Within days of shifting from office operations in mid-March 2020 to fully remote work, Laura Kennedy and her team faced a massive undertaking: distributing financial aid to suffering businesses.
This kind of undertaking wasn’t unique to the town of Silverthorne, Colorado, where Kennedy serves as Finance Director. But what makes this story so compelling and noteworthy is the light it sheds on the critical role of digital operations in government. For many agencies, their relationship with paper is complex and entrenched into processes and the way individuals and organizations interact with them.
COVID-19 has proven that something so seemingly benign as paper can undermine well-intentioned government efforts if left unchecked.
Challenge: So back to the challenge that Kennedy and her team were up against. In late March 2020, Silverthorne’s Town Council authorized $350,000 in assistance for independently owned local businesses impacted by COVID-19. The resort community is about 70 miles west of Denver in the Colorado Rocky Mountains, and local businesses are the town’s lifeblood.
“Town services such as snowplowing, public safety, etc., are dependent on sales tax revenues generated by local businesses. We need our local businesses to be successful,” Kennedy said.
COURSE OF ACTION: Tap Into Existing Tech
Adaptability and resilience were key in coordinating both the time and method through which the town would make businesses aware of the funds, verify their eligibility and disburse the money.
“It wouldn’t have been possible with paper applications…and faxes,” Kennedy told GovLoop in an interview. On top of that, her team had a limit on employee overtime because of budget constraints brought by COVID-19.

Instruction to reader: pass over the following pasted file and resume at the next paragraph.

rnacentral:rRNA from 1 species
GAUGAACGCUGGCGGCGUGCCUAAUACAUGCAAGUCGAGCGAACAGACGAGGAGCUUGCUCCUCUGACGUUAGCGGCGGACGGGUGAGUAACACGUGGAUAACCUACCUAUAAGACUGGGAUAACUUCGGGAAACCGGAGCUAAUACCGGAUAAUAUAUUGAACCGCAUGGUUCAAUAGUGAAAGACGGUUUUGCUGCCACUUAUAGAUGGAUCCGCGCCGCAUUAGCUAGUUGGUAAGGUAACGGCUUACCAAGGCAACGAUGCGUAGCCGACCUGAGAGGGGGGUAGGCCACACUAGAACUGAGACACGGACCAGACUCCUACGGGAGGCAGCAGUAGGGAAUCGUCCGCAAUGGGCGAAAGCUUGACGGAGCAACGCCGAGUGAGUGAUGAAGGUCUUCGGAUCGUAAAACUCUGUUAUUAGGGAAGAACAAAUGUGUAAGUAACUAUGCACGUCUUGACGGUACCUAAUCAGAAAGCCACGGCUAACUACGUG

Silverthorne had an existing partnership with a software development firm for its document management needs, and had built on that relationship a few years back to streamline the business licensing process for new applications and renewals. That investment made it possible for the town to quickly send pre-populated forms to potentially qualifying businesses and verify their information.
Kennedy credits a team member who’s familiar with the business license process for suggesting that the town tap into existing technology investments to streamline grant disbursements.
What happened: Emails went out within days to about 400 organizations on the town’s business license list that met the funding criteria, such as being within the town limits and current on sales tax filing. The email included a brief summary of the Sustain Silverthorne Emergency Business Relief Grant Program and references and links to online information or transactions they’d need to request funding.
Initial emails went out to businesses on April 1 to verify their eligibility and request grant funds. Responses were due April 10. Kennedy and her team reviewed applications and coordinated with the Town Council to determine recipients. Confirmation emails went out to businesses four days later, and by April 16 the town sent checks to 92 recipients.
Takeaway: That’s record speed for a government of any size. And with many government employees working remotely or unable to readily receive paper requests from the public, the need for digital transactions has a renewed sense of urgency.
Silverthorne started down the digital road before COVID-19. Kennedy highlighted a few examples, including the Town Council’s decision in early 2020 to add a $1 paper billing fee to utility bills to motivate residents to shift to online billing.
“Transitioning our staff and customers to use technology to exchange information, receive billings and make payments has allowed us to continue working safely from home,” she said.
This article is an excerpt from GovLoop’s recent guide, “Resilience Lessons From State & Local Government.” Download the full guide here.